Here is a common pattern: If you do 20 studies comparing the effect that A has on B, you may find that in 18 of those studies there is no correlation between A and B. In one of the other two, you may find that more A is followed by more B. And in the other, more A is followed by less B. Overall, still no correlation.
Depending on what the education establishment wants, they can seize upon the one study out of 20 that showed more A leading to more B and burst into the media with it. If the conclusion of that one study fits in with the media vision of the world, then it may be trumpeted across the land as "proof."
The Head Start program is a classic example. Anyone who expresses any skepticism about claims that Head Start is a great success will be denounced as someone who doesn't "care" about the low-income and minority children that this program supposedly helps. One of the great propaganda tricks is to change questions of fact into questions of motives.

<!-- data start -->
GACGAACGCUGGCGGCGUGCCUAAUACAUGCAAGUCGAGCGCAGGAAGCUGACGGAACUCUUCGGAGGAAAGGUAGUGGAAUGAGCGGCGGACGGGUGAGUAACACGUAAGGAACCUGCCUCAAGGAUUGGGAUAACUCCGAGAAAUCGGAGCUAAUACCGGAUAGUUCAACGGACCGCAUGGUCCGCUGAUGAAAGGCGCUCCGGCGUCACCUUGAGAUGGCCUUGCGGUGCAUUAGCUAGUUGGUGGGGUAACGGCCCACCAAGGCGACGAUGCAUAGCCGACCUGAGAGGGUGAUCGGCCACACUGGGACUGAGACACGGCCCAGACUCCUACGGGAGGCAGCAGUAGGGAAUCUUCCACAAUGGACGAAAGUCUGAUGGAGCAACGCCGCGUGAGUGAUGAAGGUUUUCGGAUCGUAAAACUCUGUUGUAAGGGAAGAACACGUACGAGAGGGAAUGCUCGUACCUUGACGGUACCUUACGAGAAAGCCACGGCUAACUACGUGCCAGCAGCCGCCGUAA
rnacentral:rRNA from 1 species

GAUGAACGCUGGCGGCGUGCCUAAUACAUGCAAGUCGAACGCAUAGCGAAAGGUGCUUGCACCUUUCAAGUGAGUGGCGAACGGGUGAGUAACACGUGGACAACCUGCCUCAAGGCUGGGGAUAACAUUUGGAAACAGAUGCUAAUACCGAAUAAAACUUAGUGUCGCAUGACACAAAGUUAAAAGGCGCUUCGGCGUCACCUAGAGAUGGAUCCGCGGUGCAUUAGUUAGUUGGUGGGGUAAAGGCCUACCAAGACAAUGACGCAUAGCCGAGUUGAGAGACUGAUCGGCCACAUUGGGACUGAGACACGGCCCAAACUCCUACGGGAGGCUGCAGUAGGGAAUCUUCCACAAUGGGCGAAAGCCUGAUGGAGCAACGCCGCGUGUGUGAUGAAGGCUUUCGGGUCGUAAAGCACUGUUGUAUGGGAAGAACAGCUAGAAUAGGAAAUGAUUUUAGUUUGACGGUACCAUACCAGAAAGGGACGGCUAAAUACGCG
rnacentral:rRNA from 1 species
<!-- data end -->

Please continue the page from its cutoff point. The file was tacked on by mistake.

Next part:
The Thernstroms show what feeble facts there are behind this program that has cost billions of dollars. Look for them to be denounced for being heartless, if not racist. But don't expect advocates of Head Start to engage in a serious discussion of facts.
It is much the same story when it comes to claims that "studies prove" that small classes lead to better education. The Thernstroms show cases where class sizes as small as 12 led to no better results when the students were tested.
Ordering students bussed from their own neighborhoods for the sake of racial balance has similarly failed to produce the much-trumpeted educational benefits.
The time is long overdue to start looking at facts instead of listening to rhetoric. Reading "No Excuses" is a start.
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